The Ocean Ecology of Pacific Salmon and Trout

Chapter 5: Ocean Ecology of Chinook Salmon

Brian R. Riddell, Richard D. Brodeur, Alexander V. Bugaev, Paul Moran, James M. Murphy, Joseph A. Orsi, Marc Trudel, Laurie A. Weitkamp, Brian K. Wells, and Alex C. Wertheimer

doi: https://doi.org/10.47886/9781934874455.ch6

Chinook Salmon Oncorhynchus tshawytscha are likely the most enigmatic of the Pacific salmon. Although least abundant, they are the most diversified in life history expression and show the widest geographic distribution. World famous for their potential body size (exceeding 45 kg), though such fish are rare today, Chinook Salmon are the object of much debate and expense in fishery allocations and restoration efforts, including extensive investments in hatcheries over the past century. Despite those efforts in the Pacific Northwest USA and California, 9 of 17 Evolutionarily Significant Units of Chinook Salmon are listed as endangered or threatened under the U.S. Endangered Species Act (Waples 1991a; Ford et al. 2015a; Williams et al. 2016), and in Canada and Alaska, expert panels have assessed their decline in abundance and productivity (ADFG 2013; Riddell et al. 2013; Schindler et al. 2013). Further, Chinook Salmon are least abundant along the Asian Pacific coasts and their production largely limited to the Kamchatka Peninsula.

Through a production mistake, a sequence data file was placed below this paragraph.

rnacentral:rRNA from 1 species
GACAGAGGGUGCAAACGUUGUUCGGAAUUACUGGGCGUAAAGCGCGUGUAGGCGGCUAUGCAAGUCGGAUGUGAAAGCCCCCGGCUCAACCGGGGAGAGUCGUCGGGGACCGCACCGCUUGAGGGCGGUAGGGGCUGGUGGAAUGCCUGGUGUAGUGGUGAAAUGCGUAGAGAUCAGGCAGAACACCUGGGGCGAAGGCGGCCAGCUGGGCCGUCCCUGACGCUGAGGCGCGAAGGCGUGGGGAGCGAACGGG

Since Healey’s (1991) comprehensive description of Chinook biology and life history throughout the North Pacific region, substantial research efforts have been directed to the marine ecology of Chinook Salmon; particularly their early marine survival, ocean distributions by population of origin, and ocean climate effects. These interests reflect the continued low abundance of many Chinook populations despite significant reductions in fishery exploitation rates and major investments in science reviews and recovery planning; plus increasing variability in Chinook production over time and between populations within a year. Even the past reliance on hatchery produced Chinook Salmon to increase Chinook abundance has come under significant scrutiny (Levin et al. 2001; Brannon et al. 2004a; Naish et al. 2008; Laikre et al. 2010; HSRG 2014; Scheuerell et al. 2015) as large scale hatcheries have clearly failed to restore Chinook abundances.

This chapter will focus on studies of marine ecology of Chinook Salmon largely following from a ‘critical size, critical period’ hypothesis for Pacific salmon stated by Beamish and Mahnken (2001):